GREEN ASH
File Size: 45 KB
 
Fraxinus pennsylvanica  Marsh.
Riley County, Kansas
Height: 50-80 feet
Family: Oleaceae - Olive Family
Flowering Period:   April, May
Trunks: Straight, large, diameter to 2 feet; crown broad, irregular; branches high up, stout, ascending; bark gray or brownish, furrows shallow, ridges narrow, flat-topped, connected by cross-ridges.
Twigs: Coarse, rigid, smooth, gray or greenish-brown, glabrous or sparsely to densely pubescent; buds small, opposite, flattened; terminal bud pointed, longer than wide; bud scales reddish-brown, pubescent; leaf scars semicircular; bundle scars many in flattened ring.
Leaves: Opposite, odd-pinnately compound, deciduous, 5 to 12 inches long, 3 to 7 inches wide; leaflets 5-9 (often 7), lanceolate to elliptic or ovate, 2.4 to 4 inches long, .8 to 2 inches wide, thin, firm; upper surface bright green, glossy; lower surface paler, sparsely to densely fine-pubescent, especially along mid-veins; margins slightly toothed or entire; tip abruptly pointed to long tapering-pointed; base wedge-shaped; terminal leaflet stalked; lateral leaflets with or without stalks; stalks 1.6 to 2 inches long, stout, flat to grooved; leaves turn bright yellow in autumn.
Flowers: Before leaves; male and female flowers on separate trees in dense panicle-like clusters; calyx cup-shaped, irregularly-toothed to nearly entire, persisting on fruit; corolla absent; stamens 2-3; anthers purplish; pistillate flowers with small, egg-shaped ovaries, slightly flattened; style compressed, stigma narrowly 2-lobed, reddish.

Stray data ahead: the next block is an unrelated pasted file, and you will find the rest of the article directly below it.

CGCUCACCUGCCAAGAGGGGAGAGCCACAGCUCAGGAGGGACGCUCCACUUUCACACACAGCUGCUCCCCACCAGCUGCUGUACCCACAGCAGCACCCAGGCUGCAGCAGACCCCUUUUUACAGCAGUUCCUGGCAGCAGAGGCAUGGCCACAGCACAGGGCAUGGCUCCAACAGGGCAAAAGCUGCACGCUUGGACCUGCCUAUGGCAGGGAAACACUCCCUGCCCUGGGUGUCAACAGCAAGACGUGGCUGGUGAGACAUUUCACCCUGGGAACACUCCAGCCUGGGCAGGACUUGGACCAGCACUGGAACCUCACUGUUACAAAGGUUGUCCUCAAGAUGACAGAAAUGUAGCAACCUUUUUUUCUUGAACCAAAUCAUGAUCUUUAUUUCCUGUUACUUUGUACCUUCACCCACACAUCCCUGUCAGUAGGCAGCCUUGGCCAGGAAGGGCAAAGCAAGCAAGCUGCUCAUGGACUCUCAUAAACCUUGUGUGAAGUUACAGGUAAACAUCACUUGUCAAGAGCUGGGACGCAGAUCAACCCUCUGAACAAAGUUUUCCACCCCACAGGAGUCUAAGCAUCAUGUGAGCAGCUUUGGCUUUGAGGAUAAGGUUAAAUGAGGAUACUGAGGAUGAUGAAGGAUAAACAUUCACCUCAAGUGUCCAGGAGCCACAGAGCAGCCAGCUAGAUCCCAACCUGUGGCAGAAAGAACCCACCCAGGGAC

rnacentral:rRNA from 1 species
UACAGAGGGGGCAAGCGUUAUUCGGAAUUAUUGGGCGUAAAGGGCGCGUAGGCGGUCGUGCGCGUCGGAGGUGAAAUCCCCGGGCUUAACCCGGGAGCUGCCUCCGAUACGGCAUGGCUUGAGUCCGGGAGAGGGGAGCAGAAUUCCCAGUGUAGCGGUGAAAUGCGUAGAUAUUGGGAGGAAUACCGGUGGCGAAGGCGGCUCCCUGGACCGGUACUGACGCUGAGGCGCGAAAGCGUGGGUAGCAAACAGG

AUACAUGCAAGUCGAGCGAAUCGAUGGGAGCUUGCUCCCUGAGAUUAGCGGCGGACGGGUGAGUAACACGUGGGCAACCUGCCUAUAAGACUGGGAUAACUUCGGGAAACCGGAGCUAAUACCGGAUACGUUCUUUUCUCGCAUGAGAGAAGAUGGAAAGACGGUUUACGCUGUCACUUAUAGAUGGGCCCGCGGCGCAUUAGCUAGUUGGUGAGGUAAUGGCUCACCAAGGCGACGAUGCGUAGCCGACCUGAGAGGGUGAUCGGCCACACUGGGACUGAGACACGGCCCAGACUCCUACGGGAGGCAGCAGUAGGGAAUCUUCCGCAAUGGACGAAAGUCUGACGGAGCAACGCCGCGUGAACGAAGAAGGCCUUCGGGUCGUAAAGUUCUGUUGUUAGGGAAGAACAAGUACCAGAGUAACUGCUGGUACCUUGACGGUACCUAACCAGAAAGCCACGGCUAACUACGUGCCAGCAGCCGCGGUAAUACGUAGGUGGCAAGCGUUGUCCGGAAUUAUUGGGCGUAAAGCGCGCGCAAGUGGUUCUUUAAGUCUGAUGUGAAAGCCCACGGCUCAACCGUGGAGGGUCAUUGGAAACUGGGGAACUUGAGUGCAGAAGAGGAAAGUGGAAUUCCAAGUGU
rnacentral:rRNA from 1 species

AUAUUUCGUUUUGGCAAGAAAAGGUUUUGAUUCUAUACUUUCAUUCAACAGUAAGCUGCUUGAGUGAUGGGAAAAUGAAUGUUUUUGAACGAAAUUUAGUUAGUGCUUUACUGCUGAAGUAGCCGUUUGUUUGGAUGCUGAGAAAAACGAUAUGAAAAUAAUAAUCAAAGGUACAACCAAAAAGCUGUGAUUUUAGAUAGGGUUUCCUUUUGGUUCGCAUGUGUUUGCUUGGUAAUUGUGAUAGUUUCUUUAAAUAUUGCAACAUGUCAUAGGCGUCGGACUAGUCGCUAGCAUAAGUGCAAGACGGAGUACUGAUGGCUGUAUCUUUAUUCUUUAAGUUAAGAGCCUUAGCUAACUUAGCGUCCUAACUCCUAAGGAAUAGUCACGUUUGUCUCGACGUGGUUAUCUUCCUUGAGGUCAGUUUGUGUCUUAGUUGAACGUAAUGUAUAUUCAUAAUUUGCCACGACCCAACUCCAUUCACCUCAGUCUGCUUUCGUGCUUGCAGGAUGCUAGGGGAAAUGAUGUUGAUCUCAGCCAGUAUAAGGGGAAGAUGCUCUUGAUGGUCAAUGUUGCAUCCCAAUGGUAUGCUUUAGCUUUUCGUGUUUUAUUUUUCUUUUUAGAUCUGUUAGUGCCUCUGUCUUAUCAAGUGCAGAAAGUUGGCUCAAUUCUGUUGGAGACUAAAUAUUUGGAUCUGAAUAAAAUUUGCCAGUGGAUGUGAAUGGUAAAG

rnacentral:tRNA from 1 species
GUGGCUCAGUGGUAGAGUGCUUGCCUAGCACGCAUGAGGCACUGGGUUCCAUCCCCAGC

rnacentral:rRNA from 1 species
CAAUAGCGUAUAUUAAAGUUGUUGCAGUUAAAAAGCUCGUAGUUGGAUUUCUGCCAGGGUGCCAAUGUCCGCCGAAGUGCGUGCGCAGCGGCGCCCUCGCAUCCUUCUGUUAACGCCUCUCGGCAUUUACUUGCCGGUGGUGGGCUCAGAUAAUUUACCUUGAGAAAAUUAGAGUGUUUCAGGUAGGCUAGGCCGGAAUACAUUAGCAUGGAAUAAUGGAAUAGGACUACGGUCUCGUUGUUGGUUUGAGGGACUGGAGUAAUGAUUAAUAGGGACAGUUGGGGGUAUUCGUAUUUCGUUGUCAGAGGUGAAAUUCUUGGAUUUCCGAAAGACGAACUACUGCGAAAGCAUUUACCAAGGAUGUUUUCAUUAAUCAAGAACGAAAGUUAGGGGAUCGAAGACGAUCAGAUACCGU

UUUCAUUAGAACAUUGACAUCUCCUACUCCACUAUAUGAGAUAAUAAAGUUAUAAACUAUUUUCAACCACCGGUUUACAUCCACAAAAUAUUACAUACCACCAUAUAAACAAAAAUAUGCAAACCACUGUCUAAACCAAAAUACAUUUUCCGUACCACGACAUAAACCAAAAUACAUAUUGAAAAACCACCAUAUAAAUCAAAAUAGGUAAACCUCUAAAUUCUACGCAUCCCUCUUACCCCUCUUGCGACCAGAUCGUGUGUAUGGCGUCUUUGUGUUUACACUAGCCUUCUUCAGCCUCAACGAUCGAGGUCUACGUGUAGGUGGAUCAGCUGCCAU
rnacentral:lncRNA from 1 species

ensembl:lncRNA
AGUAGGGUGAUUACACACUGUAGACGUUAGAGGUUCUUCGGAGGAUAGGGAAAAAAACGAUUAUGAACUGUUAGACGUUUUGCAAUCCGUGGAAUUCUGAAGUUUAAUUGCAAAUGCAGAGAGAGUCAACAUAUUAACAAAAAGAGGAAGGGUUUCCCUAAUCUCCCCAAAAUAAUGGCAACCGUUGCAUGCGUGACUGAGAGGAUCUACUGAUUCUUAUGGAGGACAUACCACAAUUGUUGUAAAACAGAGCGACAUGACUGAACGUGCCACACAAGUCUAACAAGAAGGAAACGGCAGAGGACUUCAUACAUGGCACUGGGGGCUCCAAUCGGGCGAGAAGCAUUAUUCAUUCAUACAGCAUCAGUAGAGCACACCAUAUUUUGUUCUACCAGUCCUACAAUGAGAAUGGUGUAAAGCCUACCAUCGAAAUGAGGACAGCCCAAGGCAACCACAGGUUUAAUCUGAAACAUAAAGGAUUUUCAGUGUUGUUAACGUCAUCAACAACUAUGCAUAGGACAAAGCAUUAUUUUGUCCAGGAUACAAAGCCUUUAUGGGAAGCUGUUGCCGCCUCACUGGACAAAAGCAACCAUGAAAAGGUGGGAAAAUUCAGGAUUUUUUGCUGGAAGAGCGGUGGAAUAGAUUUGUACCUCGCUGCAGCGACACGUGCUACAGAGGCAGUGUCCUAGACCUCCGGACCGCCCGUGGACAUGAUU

Fruit: August-September, persisting through winter, in open drooping panicles 5-6 inches long; samara, narrowly oblanceolate to spatulate, 1-2 inches long, straw-colored, 2-4 distinct ridges on each side, 1-seeded; tip pointed to rounded or notched; wing terminal, prominent, flat, extending 1/2 or more of length of seed body; seed linear to narrowly oblong, less than 1/12 inch wide.
Habitat: Stream banks, flood plain woods, lake borders, prairie ravines; rich alluvial soils.
Distribution: Throughout Kansas
Origin: Native
Uses: Often planted in windbreaks. The wood has been used for tool handles, ball bats, canoe paddles, tennis rackets, and skis.
Comments: Green ash is quite variable. The wood is heavy, hard, strong, coarse-grained, yellowish.

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